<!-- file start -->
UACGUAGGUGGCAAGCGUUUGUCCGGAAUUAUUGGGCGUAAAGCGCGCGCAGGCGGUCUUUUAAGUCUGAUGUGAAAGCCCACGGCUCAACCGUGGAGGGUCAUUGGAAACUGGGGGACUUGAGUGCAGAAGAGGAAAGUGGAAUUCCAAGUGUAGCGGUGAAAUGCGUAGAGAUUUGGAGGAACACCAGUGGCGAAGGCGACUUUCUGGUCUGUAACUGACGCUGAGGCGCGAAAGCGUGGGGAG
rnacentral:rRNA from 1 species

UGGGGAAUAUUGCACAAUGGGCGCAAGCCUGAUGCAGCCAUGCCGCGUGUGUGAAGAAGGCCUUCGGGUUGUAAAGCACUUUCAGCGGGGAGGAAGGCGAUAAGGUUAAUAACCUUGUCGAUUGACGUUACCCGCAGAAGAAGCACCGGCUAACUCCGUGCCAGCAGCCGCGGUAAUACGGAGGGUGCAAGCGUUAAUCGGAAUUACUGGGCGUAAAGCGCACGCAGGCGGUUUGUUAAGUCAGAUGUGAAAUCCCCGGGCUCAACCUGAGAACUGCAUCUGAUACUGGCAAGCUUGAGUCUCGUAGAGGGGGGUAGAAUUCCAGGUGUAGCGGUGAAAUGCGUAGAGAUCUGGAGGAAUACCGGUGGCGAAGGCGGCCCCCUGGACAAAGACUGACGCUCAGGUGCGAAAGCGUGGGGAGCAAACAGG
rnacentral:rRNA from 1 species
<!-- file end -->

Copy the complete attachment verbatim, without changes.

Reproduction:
UACGUAGGUGGCAAGCGUUUGUCCGGAAUUAUUGGGCGUAAAGCGCGCGCAGGCGGUCUUUUAAGUCUGAUGUGAAAGCCCACGGCUCAACCGUGGAGGGUCAUUGGAAACUGGGGGACUUGAGUGCAGAAGAGGAAAGUGGAAUUCCAAGUGUAGCGGUGAAAUGCGUAGAGAUUUGGAGGAACACCAGUGGCGAAGGCGACUUUCUGGUCUGUAACUGACGCUGAGGCGCGAAAGCGUGGGGAG
rnacentral:rRNA from 1 species

UGGGGAAUAUUGCACAAUGGGCGCAAGCCUGAUGCAGCCAUGCCGCGUGUGUGAAGAAGGCCUUCGGGUUGUAAAGCACUUUCAGCGGGGAGGAAGGCGAUAAGGUUAAUAACCUUGUCGAUUGACGUUACCCGCAGAAGAAGCACCGGCUAACUCCGUGCCAGCAGCCGCGGUAAUACGGAGGGUGCAAGCGUUAAUCGGAAUUACUGGGCGUAAAGCGCACGCAGGCGGUUUGUUAAGUCAGAUGUGAAAUCCCCGGGCUCAACCUGAGAACUGCAUCUGAUACUGGCAAGCUUGAGUCUCGUAGAGGGGGGUAGAAUUCCAGGUGUAGCGGUGAAAUGCGUAGAGAUCUGGAGGAAUACCGGUGGCGAAGGCGGCCCCCUGGACAAAGACUGACGCUCAGGUGCGAAAGCGUGGGGAGCAAACAGG
rnacentral:rRNA from 1 species